That first chapter features Supergirl and Stargirl as The Night Witches, wearing tiny little flesh-exposing red costumes as they lead the more traditional plane-flying Night Witches into combat. Set-up as a propaganda film, or at least jumping back and fourth between a propaganda film and what they were really doing, it's a pretty awkward juxtaposition that gets a little more labored the longer it goes on.
Their refusal to kill during the war would be admirable, and well in keeping with the characters, if these were the "real" version s of the characters, but seems out of character for soldiers on the frontlines, defending The Soviet Union from Nazi invaders (Remember, before Kara's powers and Stargirl's staff were discovered, the pair were in training to be combat pilots).
After learning that the leaders of Stalinist Russia were maybe not the most noble of people, and refuse to massacre a bunch of their fellow citizens who happen to be dissidents, they decide to quit the Red Army...likely to get new, blue costumes in future issues and join the rest of the Bombshells.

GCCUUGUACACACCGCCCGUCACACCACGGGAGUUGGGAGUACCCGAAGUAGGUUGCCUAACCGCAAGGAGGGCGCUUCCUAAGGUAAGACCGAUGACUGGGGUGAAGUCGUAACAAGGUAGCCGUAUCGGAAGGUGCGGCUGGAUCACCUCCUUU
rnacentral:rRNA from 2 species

The middle story, featuring Harley Quinn, is a little weird. Andolfo's art is gorgeous, and he draws particularly cute and cartoony characters, but they don't seem to fit in the same world as those of Evely and Braga, and there' sjust enough fantasy in the story that it can be a little unclear just what exactly is going on.
While Harley is a "lady doctor" (meaning a doctor who is also a lady, and not a gynecologist) helping wounded soldiers in London, she still works at (an) Arkham (here London's "Arkham Ward, Sanitarium for the Criminally Insane), she still has made gymnastic skills and apersonality that is a mixture of crazy, mean-spirited and sexy, and has a thing for face-paint and a mysterious crazy man in her past (The scene where she puts on her make-up is pretty hard to read...I don't know if she puts it on, or takes off her flesh-colored make-up to reveal a real fact that has clown makeup on it permanent-like, or what.
After she transforms from Dr. Harleen Quinzel to Harley Quinn, she puts on her Bombshells statue outfit, albeit the Christmas variant statue version of it, rather than the one seen on this particular cover.
I was pretty damn surprised to see Bennett taking Dr. Shondra Kinsolving and Benedict Asp out of mothballs for usage here–those are two fairly minor characters, that belong in a portion of 1990s Batman continuity that's been rebooted away and was mostly ignored for a long time anyway.